A home purchase is the largest single investment most people will ever make. Whether it's a primary residence, vacation home or investment property, the purchase of real property is a complex financial transaction that requires multiple parties to pull it off. Included are a familiar cast of characters, the realtor, the mortgage broker, the attorney; but who makes sure the value of the property is in line with the amount being paid? This is where the appraisal comes in. An appraisal is an unbiased opinion of a property's value on the open market; an estimate of a property's type and condition, its utility for a given purpose or its highest and best use. To be an informed party, most people turn to a licensed professional appraiser to provide them with the most accurate estimate of the true value of their property.
First Fidelity Appraisal Services of New England provides comprehensive FHMLC 71A, FHMLC 71B, and narrative reports for mixed used properties, residential multi family buildings (5+ units), office and retail space, and commercial developments. Our commercial property valuations can be for mortgage lending purposes as well as any other required needs of our clients.
Finalizing a divorce involves many tough decisions, including who gets the house. There are generally two options - it can be sold and the proceeds divided, or one party can buy out the other. Regardless, a professional appraisal should be completed on behalf of one or both of the parties. An appraisal by a qualified independent professional third party is often required by state law to settle the divorce. Divorce appraisals require a well supported, professional appraisal that is defensible in court. We have staff members who are experienced in this kind of situation and have expert witness testimony experience. We can provide appraisal reports that meet the requirements of the courts and various agencies.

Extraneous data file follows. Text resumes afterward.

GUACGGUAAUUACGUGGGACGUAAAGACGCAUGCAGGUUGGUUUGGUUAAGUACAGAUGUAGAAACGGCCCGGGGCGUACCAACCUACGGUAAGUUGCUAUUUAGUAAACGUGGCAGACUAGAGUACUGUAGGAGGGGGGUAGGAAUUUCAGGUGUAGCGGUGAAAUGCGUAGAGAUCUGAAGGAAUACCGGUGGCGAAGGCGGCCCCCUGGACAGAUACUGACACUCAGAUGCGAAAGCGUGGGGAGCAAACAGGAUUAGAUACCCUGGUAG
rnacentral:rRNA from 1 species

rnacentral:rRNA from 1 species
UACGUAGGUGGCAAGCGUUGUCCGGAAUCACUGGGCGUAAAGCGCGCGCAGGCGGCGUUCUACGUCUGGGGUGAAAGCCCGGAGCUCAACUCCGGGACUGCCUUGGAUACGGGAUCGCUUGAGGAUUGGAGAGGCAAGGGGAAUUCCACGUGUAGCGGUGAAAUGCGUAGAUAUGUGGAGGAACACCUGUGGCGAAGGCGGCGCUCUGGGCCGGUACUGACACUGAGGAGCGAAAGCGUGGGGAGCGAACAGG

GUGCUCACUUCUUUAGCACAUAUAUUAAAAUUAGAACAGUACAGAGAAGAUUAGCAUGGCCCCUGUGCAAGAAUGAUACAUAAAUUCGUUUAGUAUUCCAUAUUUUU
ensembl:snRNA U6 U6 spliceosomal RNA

As an attorney handling a divorce, you may need an appraisal to establish fair market value for the residential real estate involved. Often the divorce date differs from the date you order the appraisal. We can perform a retroactive appraisal with an effective date and Fair Market Value estimate on the date of divorce.*
In times of loss, it is difficult to think of the various steps that must be taken to resolve any outstanding monies of the deceased. An appraisal is required to establish fair market value of any real estate property in the estate. Typically, the date of death differs from the date the appraisal is requested. We can perform a retroactive appraisal with an effective date and Fair Market Value estimate on the date of death. At this point, equitable arrangements can more easily be arrived at among disputing parties. Everyone walks away knowing they've received a fair deal. Having a professional appraisal gives the executor solid facts and figures to work with in meeting IRS and state agency requirements. It assures peace of mind to everyone concerned as they will have a professional opinion to stand behind if the appraisal is challenged.*
*The ethics provision within the Uniform Standards of Professional Appraisal Practice (USPAP) binds us with confidentiality, assuring the highest degree of discretion.